The challenge provider 115 may be configured to control access of more than one client 105 to more than one application service 110 using more than one authentication service 140. Hence, the challenge provider 115 may centrally control access to an array of application services 110 using an array of authentication services 140. For example, the challenge provider 115 may provide a challenge that a client 105 may use to access more than one application service 110 using only a single password or other identifier (e.g., a personal identification number (PIN), a password, or a biometric indicator). To provide increased security, the challenge provider 115 may be configured to refuse communication with a client 105 after a predetermined number of failed authentication attempts. The challenge provider 115 also may include an internal clock and may be configured, for example, to refuse communication with a client 105 after a predetermined number of failed access attempts within a predetermined period of time.

To provide secure storage and secure execution, the challenge provider 115 may include a SIM or other specialized security hardware or software similar to client 105 described above. For example, the challenge provider 115 may include a wireless identity module (WIM) (e.g., a Giesecke & Devrient STARSIM browser system) that may integrate with the SIM toolkit browser of the client 105. In another aspect, the challenge provider 115 may be implemented using, for example, resources of an authentication service (e.g., authentication service 140) or of an enterprise service (e.g., application service 110) through tamper resistant software (TRS) similarly as was described above with respect to the client 105. The challenge provider 115 may be mobile or fixed, and may or may not communicate directly with the client 105 or the authentication service 140.

The authentication service 140 generally may include, for example, any device, system, and/or piece of code configured to secure access to the application service 110 by the client 105. The authentication service 140 may employ cryptographic methods similar and complementary to those employed by the client 105 and/or the challenge provider 115. The authentication service 140 may employ a first cryptographic technique to authenticate that the client 105 was challenged by the challenge provider 115. Having authenticated that the client received a valid challenge from the challenge provider 115, the authentication service 140 may employ a second cryptographic technique to authenticate that the client actually is the person or device that the client 105 claims to be. In addition to authenticating identity, the authentication service 140 may be configured to provide, limit, or deny access to the application service 110 based upon a privilege or status of the client 105. For example, a system administrator may be provided with extensive access to the application service, while a standard user may be provided with more limited access.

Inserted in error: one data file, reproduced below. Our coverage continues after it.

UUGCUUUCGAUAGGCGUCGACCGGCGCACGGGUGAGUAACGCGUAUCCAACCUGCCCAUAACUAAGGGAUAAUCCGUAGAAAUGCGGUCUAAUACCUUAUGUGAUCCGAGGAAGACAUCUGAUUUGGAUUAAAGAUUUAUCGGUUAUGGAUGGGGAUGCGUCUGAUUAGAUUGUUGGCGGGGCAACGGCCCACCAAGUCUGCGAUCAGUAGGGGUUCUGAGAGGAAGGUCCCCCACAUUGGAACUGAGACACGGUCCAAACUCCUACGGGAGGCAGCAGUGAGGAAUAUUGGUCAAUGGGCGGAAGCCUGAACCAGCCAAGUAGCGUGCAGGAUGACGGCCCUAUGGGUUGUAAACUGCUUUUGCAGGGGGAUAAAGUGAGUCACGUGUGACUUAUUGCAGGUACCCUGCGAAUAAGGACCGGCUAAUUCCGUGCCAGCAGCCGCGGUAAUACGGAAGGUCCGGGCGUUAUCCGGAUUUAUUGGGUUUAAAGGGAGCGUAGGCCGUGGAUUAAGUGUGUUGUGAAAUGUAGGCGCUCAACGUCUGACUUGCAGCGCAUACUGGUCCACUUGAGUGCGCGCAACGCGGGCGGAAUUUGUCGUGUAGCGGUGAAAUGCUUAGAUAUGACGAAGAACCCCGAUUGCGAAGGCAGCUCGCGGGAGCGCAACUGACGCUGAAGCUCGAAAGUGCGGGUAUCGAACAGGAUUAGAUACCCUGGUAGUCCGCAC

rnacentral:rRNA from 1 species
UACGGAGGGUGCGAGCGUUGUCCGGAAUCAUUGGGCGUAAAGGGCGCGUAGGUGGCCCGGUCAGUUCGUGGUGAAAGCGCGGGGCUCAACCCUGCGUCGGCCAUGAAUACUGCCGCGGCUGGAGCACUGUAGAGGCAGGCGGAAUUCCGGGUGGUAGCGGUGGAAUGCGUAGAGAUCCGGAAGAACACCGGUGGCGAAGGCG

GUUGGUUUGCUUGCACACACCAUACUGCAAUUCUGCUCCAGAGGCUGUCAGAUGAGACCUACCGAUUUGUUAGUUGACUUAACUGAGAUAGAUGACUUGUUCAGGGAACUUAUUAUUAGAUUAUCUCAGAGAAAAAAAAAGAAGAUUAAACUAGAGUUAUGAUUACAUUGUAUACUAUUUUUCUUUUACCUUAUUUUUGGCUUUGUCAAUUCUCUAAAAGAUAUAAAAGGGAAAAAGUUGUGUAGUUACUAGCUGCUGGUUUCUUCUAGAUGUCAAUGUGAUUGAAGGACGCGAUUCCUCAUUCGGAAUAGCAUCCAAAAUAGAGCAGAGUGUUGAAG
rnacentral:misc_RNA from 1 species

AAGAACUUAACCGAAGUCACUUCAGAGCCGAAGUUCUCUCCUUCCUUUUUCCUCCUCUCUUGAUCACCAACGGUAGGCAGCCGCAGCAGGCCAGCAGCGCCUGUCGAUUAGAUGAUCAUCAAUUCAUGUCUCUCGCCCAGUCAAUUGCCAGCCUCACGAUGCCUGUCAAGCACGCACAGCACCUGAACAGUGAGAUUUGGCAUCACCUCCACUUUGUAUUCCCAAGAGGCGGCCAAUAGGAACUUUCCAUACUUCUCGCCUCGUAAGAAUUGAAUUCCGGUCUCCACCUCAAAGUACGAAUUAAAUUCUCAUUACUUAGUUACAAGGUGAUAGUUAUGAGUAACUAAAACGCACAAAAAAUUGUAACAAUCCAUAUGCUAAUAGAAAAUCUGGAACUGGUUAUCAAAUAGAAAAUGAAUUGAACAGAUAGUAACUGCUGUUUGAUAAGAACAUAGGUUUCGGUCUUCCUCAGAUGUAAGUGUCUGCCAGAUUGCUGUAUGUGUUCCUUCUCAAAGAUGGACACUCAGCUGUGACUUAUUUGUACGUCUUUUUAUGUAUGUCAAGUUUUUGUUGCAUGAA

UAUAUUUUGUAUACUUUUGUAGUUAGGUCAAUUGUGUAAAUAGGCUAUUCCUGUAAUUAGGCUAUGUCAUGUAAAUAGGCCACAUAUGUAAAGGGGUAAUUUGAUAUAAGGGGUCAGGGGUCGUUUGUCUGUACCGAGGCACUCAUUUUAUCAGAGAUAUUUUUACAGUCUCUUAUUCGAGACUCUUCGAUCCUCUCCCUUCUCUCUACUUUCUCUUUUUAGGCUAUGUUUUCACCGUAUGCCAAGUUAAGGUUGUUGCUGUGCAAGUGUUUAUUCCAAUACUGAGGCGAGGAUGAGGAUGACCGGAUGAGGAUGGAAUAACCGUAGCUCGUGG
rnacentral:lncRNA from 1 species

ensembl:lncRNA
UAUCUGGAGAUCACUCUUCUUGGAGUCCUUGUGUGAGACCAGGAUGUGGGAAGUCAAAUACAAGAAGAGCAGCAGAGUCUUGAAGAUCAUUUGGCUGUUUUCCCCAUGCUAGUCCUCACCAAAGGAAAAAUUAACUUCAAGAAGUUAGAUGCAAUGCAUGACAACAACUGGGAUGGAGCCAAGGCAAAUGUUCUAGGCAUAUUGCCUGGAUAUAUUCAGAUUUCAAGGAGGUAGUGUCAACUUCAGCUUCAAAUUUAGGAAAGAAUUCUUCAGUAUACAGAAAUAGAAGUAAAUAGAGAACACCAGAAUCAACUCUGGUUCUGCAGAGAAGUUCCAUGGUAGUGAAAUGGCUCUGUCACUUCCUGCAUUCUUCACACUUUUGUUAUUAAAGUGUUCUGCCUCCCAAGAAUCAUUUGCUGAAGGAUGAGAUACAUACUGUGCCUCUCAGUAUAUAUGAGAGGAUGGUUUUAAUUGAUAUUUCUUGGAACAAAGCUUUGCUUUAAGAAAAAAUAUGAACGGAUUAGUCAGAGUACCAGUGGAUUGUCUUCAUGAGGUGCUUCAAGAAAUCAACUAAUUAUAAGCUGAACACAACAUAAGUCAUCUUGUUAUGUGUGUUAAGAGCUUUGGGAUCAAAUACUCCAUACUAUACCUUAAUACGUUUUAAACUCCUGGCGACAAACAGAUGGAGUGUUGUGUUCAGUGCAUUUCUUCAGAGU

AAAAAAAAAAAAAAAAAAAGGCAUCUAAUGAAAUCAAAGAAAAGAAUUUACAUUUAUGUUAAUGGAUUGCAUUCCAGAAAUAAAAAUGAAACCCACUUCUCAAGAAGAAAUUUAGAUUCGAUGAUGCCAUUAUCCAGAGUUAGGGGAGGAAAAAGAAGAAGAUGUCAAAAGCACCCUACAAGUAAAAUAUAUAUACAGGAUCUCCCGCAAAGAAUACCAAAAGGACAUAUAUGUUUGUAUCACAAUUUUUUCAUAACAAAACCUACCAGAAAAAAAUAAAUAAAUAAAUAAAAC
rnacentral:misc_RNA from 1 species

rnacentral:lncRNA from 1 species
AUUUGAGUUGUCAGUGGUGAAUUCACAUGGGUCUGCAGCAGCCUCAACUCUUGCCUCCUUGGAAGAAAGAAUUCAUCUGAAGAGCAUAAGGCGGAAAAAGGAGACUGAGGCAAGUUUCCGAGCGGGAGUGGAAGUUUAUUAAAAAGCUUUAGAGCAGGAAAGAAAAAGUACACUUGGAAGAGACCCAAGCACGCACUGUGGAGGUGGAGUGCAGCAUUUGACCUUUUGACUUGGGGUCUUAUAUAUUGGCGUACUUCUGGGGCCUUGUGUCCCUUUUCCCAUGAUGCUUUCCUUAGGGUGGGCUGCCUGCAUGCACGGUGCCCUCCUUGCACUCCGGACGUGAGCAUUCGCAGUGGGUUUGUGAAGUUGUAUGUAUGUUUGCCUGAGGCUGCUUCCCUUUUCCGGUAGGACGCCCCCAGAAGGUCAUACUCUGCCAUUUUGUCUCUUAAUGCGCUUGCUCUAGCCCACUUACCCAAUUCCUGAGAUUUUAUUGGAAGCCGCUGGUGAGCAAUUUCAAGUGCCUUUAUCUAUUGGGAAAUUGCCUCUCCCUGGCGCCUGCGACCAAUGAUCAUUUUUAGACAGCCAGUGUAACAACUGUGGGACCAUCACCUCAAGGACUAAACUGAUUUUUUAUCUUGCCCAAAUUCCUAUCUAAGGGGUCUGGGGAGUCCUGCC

The authentication service 140 also may be configured to employ one or more protocols to guarantee freshness of a response provided by the client 105. For example, a replay counter technique may be used to prevent an eavesdropper from intercepting a correct response and then submitting the correct but no-longer fresh response to the authentication service 140 to access the application service 110. The replay counter technique may be based upon one or more time stamps included in the response.

In any event, the authentication service 140 provides secure execution and/or secure storage functions similar generally to those of the client 105 and challenge provider 115 previously described. For brevity, therefore, the description of the secure execution and secure storage functions is not repeated here, but is incorporated by reference. The authentication service 140 authenticates the client 105 using symmetric and/or asymmetric data encryption methods. The cryptographic methods of the authentication service 140 may be selected to operate seamlessly with the cryptographic methods of the client 105 and the challenge provider 115.

One or more other services may be included in the components of system 100, and these components (hereinafter the system services) may be included as part of one or more other services. For example, the system services may include or be included in a general-purpose or a special-purpose computer (e.g., a personal computer, a PDA, or a device specifically programmed to perform certain tasks), a Local Area Network (LAN), and/or a Wide Area Network (WAN). The response to and execution of instructions received by any or all of the system services may be controlled by, for example, a program, a piece of code, an instruction, a device, a computer system, or a combination thereof, for independently or collectively instructing the services to interact and operate as described herein.